Court Appointed Special Advocates
It’s one thing for a judge to feel confident about his or her decision in a civil or criminal trial. It’s another thing altogether in dependency court, when the future of a child is at stake.
That’s why David Soukup, a superior court judge in Seattle, started the first Court Appointed Special Advocates (CASA) program in 1977. The intent was to train volunteers to be able to step into the courtroom on behalf of the children.
Over the years, CASA programs have spread across the country. There are now 700 such programs nationally, including 38 in California. Each shares the common thread of having trained volunteer advocates—the “CASAs"—spend time with a child involved in Juvenile Court dependency proceedings in order to gather evidence and make recommendations to the court. Along the way, the CASA also provides friendship, mentoring and support, becoming in effect a caring, stable person in that child’s life.
“The goal is for that person to be so knowledgeable about this child and about this case that they can make good recommendations to the judge as to what course of action would be in this child’s best interest,” explained Sheri Morgan, CASA program coordinator.
Northern Valley Catholic Social Services (NVCSS) organized the CASA program in Butte County last year. Volunteers were assigned to their first cases in February.
CASA volunteers make a yearlong commitment to the program, spending two to four hours a month with the child to whom they are assigned. No experience is required, although good communication skills, common sense and compassion for the kids are desired traits.
The legal component of the CASA program is what sets it apart from other mentoring programs and is also what attracts many of its volunteers. The next CASA volunteer training will be held in October, and Morgan is looking for new recruits.
“There are over 650 children in the dependency system in Butte County,” she explained. “That’s not to say that they all need a CASA, or that they’re all having problems with their cases. But that’s the population. A good number of those kids could benefit from a stable, caring adult in their life.”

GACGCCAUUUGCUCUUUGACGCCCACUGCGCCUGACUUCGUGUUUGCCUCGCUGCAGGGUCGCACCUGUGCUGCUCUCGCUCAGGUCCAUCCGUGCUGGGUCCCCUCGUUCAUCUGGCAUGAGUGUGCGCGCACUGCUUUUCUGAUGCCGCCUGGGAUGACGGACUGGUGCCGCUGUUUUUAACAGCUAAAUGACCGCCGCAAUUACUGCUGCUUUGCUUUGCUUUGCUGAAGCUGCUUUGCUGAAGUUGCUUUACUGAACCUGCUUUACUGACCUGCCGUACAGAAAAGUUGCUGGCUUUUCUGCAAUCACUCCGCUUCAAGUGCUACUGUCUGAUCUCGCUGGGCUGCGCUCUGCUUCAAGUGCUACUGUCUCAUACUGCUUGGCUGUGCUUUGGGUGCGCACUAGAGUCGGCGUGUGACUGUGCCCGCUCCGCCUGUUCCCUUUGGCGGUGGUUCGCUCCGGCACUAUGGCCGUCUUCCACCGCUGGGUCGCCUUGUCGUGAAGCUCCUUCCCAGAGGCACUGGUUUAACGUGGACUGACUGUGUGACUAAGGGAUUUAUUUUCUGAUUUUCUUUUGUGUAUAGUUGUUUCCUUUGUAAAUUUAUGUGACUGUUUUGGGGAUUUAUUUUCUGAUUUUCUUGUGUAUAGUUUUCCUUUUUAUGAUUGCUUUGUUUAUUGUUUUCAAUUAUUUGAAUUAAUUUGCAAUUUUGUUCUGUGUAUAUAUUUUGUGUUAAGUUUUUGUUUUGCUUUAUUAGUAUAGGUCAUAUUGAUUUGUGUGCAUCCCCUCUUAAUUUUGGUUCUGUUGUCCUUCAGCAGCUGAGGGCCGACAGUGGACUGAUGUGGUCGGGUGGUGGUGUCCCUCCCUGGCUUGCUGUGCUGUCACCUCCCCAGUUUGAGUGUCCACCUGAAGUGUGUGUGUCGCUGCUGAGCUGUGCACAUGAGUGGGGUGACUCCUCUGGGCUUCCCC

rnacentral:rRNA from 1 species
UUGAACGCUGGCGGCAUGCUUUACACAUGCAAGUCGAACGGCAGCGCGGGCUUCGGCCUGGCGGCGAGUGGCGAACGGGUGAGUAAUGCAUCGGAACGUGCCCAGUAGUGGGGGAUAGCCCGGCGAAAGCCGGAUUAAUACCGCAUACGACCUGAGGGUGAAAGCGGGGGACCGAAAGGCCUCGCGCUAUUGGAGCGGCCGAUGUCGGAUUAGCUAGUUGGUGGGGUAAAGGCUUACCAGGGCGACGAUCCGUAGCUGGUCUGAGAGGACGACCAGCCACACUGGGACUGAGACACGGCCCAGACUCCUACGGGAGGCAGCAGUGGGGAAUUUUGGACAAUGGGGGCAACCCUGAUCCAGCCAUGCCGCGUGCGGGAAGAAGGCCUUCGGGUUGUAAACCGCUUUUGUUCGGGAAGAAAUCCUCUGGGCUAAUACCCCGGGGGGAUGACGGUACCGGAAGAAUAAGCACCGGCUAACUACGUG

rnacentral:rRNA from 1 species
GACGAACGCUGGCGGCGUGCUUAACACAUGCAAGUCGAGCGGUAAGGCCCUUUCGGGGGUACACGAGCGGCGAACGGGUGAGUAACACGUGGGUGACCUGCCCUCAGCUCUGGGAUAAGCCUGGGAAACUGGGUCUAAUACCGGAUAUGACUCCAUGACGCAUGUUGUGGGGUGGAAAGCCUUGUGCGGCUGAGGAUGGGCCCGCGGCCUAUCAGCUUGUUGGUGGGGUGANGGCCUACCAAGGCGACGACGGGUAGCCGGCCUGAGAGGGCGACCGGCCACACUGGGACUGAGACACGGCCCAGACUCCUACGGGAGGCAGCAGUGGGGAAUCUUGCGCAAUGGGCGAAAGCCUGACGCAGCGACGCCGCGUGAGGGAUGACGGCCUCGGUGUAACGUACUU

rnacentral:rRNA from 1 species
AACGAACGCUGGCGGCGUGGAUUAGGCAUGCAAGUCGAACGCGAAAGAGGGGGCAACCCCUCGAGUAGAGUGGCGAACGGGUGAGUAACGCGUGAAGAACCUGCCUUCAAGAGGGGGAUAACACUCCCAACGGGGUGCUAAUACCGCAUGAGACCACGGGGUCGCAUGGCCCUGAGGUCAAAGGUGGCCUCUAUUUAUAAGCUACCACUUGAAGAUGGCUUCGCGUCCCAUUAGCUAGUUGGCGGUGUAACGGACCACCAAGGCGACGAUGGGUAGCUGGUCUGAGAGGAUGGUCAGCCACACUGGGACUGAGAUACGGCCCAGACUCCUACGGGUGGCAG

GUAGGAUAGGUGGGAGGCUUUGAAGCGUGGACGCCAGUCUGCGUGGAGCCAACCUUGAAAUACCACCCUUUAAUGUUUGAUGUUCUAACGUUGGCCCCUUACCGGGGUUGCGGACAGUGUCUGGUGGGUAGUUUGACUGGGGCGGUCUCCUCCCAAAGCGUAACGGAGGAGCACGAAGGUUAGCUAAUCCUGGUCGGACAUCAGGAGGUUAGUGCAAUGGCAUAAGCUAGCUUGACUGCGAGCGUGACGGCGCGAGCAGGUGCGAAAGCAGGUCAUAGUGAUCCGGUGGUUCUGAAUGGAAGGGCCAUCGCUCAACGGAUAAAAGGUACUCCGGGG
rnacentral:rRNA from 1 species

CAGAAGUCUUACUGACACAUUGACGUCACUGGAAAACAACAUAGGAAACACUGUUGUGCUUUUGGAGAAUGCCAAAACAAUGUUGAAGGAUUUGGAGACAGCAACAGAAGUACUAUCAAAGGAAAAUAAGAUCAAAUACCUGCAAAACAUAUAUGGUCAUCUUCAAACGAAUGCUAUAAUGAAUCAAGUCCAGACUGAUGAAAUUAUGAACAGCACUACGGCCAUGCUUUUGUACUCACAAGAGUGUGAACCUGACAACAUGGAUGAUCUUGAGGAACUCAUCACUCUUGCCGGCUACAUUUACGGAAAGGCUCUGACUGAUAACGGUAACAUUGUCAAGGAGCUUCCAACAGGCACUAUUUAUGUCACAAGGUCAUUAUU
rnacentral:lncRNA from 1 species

By national standards, the program should have one full-time supervisor for every 30 volunteers. NVCSS Program Manager Justine Leman explained that CASA currently has 50 volunteers, with Morgan responsible for their recruitment, training and supervision. She also attends court twice weekly and does both the case management and court paperwork.
“In order for us to maintain the integrity of the program, we need to hire another full-time staff person,” Lehman said, explaining the motivation for the group’s upcoming Casablanca fund-raising event.
Casablanca, a formal dinner party featuring casino-style gaming and a live auction, will be held Sat., Sept. 15, from 6 to 10 p.m. at the Albert E. Warrens Reception Center on the Chico State University campus. Lehman promises a romantic evening revolving around the movie Casablanca, complete with piano entertainment.
Auction items include a trip to Hawaii and a Shasta Dinner Train trip. Lehman is still accepting donations of goods for the auction.
Tickets to the event are $50, with corporate and table sponsorships available. A major sponsor is the Chico Rotary.
For a first-year event, Lehman is pleased by the initial response she’s received on Casablanca. She’s believes the event will be well-attended by legal professionals and representatives of nonprofit organizations, and hopes many others come out to support CASA.